Not so long ago, people thought attention deficit/hyperactivity disorder was a condition that only affected children-- whirling dervishes who careened through life leaving a path of destruction in their wake. We now know, however, that there is a sizeable group of quiet daydreamers whose inability to organize themselves and focus on the task at hand makes it impossible for them to meet the demands of everyday life. And we know that many children with ADHD continue to have symptoms as adults. But this increased knowledge has sometimes contributed more confusion than clarification.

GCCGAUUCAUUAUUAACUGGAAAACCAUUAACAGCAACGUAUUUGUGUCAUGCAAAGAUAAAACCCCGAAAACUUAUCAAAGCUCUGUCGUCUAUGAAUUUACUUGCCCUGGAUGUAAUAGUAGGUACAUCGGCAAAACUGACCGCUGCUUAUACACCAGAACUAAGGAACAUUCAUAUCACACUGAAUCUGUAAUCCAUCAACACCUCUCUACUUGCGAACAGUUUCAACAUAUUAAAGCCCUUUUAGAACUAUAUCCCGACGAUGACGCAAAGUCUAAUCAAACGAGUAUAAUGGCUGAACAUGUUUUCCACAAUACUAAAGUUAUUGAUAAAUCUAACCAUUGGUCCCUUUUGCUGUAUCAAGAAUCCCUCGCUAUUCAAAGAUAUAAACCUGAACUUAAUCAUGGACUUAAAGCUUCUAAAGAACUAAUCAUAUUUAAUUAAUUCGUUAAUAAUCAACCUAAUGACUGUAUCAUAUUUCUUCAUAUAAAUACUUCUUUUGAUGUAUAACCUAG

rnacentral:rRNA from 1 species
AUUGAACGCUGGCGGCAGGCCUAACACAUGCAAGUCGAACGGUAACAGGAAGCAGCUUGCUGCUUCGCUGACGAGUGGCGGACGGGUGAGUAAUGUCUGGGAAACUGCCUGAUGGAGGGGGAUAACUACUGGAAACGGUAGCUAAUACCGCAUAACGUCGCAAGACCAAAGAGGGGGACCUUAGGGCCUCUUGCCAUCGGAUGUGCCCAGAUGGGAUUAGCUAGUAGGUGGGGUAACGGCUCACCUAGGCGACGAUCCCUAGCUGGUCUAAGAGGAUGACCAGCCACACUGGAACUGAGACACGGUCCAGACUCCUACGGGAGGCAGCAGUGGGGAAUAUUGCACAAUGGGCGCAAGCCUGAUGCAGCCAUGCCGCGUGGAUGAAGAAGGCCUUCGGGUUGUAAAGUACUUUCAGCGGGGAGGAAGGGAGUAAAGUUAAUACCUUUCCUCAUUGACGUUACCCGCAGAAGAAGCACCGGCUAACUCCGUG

In "Daredevils and Daydreamers, " Ingersoll--one of the foremost clinicians and researchers in the field--looks at what we've learned in a decade. From obtaining a good diagnosis through the most recent, cutting edge medical and psychological solutions offered, Ingersoll's examples and research have an immediacy missing from the other books in the field. In addition, she tackles a number of peripheral issues other books ignore such as the problem of the ADHD child in adoptive families, divorced families and step-families, and she handles "real-world" issues (like soiling and bed-wetting) that others disregard.